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Malebranche: Nicolas Malebranche, a philosopher of Christian metaphysics, professed that, as human beings, we process the concepts and realities of ideas through the soul and therefore have a close relationship with God. Malebranche also developed Occasionalism — the idea that “God is the only causal agent, and that creatures merely provide the ‘occasion” for divine action’ (Schmaltz). In Malebranche's theories, no machine exists that can produce such entities, which is exactly why Thomas Carlyle refers to Malebranche in “Signs of the Times.”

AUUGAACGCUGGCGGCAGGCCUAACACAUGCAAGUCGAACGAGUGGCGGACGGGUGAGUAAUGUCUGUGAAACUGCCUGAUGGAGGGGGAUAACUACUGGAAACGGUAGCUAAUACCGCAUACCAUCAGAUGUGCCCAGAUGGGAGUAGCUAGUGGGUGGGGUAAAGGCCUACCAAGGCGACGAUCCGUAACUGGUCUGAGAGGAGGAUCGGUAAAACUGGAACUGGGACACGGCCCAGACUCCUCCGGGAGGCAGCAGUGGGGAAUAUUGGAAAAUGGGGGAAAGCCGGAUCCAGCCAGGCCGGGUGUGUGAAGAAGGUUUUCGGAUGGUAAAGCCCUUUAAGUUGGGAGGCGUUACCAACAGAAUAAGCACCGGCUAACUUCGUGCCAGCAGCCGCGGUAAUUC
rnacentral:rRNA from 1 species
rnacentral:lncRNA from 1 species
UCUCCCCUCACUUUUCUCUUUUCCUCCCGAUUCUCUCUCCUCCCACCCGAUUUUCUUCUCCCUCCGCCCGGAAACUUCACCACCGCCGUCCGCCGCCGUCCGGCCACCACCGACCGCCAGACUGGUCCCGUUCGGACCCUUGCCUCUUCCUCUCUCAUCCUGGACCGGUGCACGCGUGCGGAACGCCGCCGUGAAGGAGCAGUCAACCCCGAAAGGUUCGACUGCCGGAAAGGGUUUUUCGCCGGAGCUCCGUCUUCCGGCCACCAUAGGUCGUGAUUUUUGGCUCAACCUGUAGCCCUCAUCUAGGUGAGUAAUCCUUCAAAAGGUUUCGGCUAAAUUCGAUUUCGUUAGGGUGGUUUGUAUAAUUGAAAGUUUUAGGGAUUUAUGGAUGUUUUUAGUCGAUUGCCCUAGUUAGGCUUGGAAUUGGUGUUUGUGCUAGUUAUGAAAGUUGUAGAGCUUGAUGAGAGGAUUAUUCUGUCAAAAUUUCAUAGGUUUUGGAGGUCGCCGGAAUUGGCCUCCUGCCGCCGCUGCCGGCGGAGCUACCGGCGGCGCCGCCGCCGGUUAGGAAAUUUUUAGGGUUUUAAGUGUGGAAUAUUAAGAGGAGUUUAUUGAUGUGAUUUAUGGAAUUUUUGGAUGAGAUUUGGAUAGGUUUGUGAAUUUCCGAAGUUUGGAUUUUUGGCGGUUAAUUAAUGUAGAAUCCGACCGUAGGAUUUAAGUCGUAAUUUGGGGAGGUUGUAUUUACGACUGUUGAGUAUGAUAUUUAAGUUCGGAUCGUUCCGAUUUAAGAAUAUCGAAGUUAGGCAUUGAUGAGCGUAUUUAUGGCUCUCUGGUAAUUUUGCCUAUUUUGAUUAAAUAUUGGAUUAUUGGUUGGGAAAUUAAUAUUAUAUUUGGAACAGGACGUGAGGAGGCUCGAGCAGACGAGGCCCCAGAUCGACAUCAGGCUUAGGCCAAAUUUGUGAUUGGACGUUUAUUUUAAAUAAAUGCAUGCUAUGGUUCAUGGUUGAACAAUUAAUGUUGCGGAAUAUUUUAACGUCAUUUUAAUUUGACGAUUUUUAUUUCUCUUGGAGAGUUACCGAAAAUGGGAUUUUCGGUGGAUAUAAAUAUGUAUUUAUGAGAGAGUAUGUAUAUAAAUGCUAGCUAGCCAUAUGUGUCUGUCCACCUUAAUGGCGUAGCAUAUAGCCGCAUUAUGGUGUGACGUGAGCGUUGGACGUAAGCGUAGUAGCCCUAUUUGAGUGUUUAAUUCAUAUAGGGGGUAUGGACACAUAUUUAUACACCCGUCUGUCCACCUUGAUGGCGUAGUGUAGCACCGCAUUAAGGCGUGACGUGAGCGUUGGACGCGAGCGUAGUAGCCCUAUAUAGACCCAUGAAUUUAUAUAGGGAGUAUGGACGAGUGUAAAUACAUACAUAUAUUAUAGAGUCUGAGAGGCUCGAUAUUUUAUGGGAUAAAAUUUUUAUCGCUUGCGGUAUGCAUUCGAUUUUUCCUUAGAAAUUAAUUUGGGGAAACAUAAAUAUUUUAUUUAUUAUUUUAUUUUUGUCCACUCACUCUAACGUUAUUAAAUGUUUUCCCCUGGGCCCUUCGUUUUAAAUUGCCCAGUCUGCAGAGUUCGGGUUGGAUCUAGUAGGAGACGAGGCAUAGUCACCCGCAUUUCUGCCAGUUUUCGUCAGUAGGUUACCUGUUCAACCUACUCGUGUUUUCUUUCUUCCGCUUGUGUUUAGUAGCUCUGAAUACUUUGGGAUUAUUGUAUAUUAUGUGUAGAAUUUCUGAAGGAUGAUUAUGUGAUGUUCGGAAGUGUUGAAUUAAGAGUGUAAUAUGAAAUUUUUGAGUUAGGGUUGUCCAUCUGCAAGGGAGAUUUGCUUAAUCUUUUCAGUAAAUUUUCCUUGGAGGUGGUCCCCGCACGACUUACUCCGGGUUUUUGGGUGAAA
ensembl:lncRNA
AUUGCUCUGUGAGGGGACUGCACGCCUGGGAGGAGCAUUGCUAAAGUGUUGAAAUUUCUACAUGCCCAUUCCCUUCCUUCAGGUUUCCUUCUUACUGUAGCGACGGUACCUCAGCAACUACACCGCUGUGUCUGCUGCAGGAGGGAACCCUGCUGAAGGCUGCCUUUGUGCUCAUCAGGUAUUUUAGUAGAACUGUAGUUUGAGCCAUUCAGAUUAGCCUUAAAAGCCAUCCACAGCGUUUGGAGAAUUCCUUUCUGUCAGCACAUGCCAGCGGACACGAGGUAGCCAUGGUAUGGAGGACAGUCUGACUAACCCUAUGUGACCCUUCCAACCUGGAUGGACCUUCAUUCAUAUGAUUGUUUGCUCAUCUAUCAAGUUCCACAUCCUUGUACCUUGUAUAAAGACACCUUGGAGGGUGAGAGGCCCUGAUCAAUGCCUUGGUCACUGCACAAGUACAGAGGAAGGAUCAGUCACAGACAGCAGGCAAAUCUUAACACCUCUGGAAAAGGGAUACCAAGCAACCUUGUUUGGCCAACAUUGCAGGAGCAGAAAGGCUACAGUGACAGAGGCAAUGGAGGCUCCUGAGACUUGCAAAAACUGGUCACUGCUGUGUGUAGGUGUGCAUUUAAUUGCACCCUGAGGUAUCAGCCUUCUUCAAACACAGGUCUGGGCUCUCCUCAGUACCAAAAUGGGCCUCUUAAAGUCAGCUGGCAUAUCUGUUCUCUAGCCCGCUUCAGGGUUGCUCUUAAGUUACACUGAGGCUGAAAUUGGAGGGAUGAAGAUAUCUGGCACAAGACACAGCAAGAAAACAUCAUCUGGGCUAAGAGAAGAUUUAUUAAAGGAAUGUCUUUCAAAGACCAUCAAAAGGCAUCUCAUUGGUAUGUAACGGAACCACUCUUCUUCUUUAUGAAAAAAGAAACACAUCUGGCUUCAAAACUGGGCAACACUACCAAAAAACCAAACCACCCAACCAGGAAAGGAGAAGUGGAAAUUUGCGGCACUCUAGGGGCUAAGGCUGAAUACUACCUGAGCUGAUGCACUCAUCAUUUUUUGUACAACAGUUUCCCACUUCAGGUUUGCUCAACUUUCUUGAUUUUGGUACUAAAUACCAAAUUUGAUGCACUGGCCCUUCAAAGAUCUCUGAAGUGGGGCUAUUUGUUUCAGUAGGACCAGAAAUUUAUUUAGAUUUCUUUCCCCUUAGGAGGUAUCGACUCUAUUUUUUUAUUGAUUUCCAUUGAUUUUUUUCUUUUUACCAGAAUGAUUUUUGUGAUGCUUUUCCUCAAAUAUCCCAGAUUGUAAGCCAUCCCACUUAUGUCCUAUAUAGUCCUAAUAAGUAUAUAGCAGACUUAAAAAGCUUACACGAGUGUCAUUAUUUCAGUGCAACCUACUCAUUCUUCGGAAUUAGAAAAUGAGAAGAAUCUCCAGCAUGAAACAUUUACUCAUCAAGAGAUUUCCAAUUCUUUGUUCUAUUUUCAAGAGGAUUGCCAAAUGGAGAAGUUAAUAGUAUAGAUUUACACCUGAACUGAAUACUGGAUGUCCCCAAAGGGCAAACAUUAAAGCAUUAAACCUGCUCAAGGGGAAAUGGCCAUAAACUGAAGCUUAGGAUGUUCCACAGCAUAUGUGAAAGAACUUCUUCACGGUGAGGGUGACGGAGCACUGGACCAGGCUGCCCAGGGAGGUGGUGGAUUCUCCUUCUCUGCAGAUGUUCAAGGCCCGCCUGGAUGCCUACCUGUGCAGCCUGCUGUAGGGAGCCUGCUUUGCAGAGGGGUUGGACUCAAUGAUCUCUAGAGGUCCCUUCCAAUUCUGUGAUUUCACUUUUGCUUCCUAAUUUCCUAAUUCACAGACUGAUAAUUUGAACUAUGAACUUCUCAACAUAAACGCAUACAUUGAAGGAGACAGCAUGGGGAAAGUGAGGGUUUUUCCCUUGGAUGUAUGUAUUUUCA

Carlyle critiques the state of his nation for losing fundamental relationships with the nature of God and the metaphysical aspects of life. He criticizes the evolution that the mind has undergone. Carlyle. who lists Malebranche with Pascal, Descartes, and Fenelon, regarded him highly because his ideas emphasized a non-mechanical world.
Schmaltz, Tad. “Nicolas Malebranche.” Stanford Encyclopedia of Philosophy. (23 March 2010)
Last modified 25 March 2010